Minnesota veterans get special attention this Memorial Day weekend

Author:
Publish date:
Image placeholder title

Veterans in communities across Minnesota are the focus of some special attention as the nation celebrates Memorial Day this weekend.

Veteran receives therapy dog

On Saturday, one Twin Cities area veteran received a service dog named Rex, who is trained to assist him with his post-traumatic stress disorder and other service-related medical conditions.

Ed Abrahamson of Inver Grove Heights, who recently retired from the South St. Paul police department, is an Army veteran who served during the first Gulf War in the early 1990s.

In addition to PTSD which stems from his war experience, he has chronic pain and fibromyalgia, according to FOX 9.

Abrahamson told FOX 9 he has many "dark days" due to his medical issues.

 Rex (Photo: Rebuilding Warriors via Facebook)

Rex (Photo: Rebuilding Warriors via Facebook)

"There are days I don't see the light at the end of the tunnel, and it's scary,” said Abrahamson.

His wife Dana contacted a group called Rebuilding Warriors several months ago and requested a therapy dog for her husband, hoping a companion animal would help him.

At a ceremony Saturday, Abrahamson was given Rex's leash for good.

"If I'm in a crowded environment - that is one of my triggers - and my anxiety starts to escalate, Rex will be there to help," Abrahamson said, according to KARE 11.

Jeff Anderson of the Rebuilding Warriors program trains the dogs to help veterans with PTSD.

“If you get anxious, this dog will actually jump up on you and tell you, ‘Hey, get back to reality,’” Anderson said, according to KSTP.

Rex is an 18-month-old Belgian Malinois, who was rescued from an abusive owner.

According to Rebuilding Warriors, an average of 22 veterans die by suicide due to PTSD every day. The group, which is based in California, plans to place 10 dogs with veterans this year around the country.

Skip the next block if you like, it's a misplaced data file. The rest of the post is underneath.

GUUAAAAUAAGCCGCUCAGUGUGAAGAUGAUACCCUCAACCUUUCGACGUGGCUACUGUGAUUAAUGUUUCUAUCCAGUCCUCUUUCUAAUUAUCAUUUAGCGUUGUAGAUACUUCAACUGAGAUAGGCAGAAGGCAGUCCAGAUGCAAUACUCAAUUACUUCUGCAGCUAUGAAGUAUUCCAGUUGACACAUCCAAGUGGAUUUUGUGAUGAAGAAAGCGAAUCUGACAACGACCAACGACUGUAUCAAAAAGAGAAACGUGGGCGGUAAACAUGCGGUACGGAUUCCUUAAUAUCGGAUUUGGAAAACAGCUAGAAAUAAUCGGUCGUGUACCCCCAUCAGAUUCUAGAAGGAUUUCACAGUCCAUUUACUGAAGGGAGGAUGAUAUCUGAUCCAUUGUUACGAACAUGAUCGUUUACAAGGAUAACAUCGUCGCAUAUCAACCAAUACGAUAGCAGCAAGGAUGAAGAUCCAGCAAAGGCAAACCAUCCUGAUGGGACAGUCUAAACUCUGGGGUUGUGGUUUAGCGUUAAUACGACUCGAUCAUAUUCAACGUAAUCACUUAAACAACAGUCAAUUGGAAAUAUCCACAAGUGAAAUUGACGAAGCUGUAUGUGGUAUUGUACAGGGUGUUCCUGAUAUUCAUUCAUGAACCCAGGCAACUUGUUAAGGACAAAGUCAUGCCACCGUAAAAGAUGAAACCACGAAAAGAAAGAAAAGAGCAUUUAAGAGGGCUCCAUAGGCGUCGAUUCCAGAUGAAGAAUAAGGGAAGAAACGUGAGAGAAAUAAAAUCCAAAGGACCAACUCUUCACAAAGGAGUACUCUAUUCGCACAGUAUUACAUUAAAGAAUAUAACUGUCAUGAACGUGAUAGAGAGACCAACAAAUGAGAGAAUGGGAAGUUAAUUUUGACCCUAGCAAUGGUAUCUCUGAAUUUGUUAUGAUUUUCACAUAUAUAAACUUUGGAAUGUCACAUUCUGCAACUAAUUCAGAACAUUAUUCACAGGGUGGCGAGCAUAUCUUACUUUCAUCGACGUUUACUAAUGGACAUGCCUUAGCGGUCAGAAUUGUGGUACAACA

Documentary tells story of Minn. veteran and Nazi pilot who saved him

A Minnesotan who survived after his plane was shot down over Denmark during World War II lived with a nagging question for decades: Why was he, and the rest of his crew, spared?

A German fighter pilot who could have easily shot their damaged B-17 bomber out of the sky instead allowed the crew to land safely.

A documentary airing Sunday night called "Mortal Enemies" will tell the story of that veteran, 91-year-old Les Schrenk of Bloomington, and his search for the German pilot who spared his life.

The St. Paul Pioneer Press spoke to Schrenk about that ordeal, about his capture and survival in a German POW camp, and about his meeting with the German pilot in 2012.

The two men began an unlikely friendship three years ago that continues now.

"Mortal Enemies" airs at 6:30 p.m. Sunday on Twin Cities Public Television.

 Veteran gets 'bucket list' ride-alongs with police

Air Force veteran Gary Madison said it took a terminal cancer diagnosis three years ago for him to start pondering the experiences he wanted to have before it was too late.

According to WCCO, one of those items on the list for Madison, 68, was a police ride-along; he'd considered becoming an officer when he was younger but it never worked out.

He thought Minneapolis would be a good place to hang out with the police.

“I figure there’s a lot going on in Minneapolis,” Madison said, according to the station. “I could learn a lot about what police do."

Minneapolis police Sgt. Ryan Johnson volunteered to be Madison's guide late last week, in part because Johnson's father died of cancer a few years ago. He said it was "an honor and pleasure" to show Madison around the city.

Madison has ride-alongs scheduled with three other police departments in the next several days, according to WCCO.

90-year-old bugler still plays 'Taps' for comrades

The Winona Daily News tells the story of Jim Scholmeier, a veteran from Fountain City, Wis., who has been playing taps since he was in high school. At 90, Scholmeier tells the paper he's probably the oldest bugler in the state of Wisconsin.

He only missed a few years during World War II; he served in the Navy from 1943-1946.

Scholmeier plays taps now at the funerals of friends and military comrades he's known since the war.

“It’s kind of an honor to do it,” Scholmeier told the Daily News. “It’s something that should be done."

Scholmeier will also play his bugle at several Memorial Day services in his area.

Next Up

Related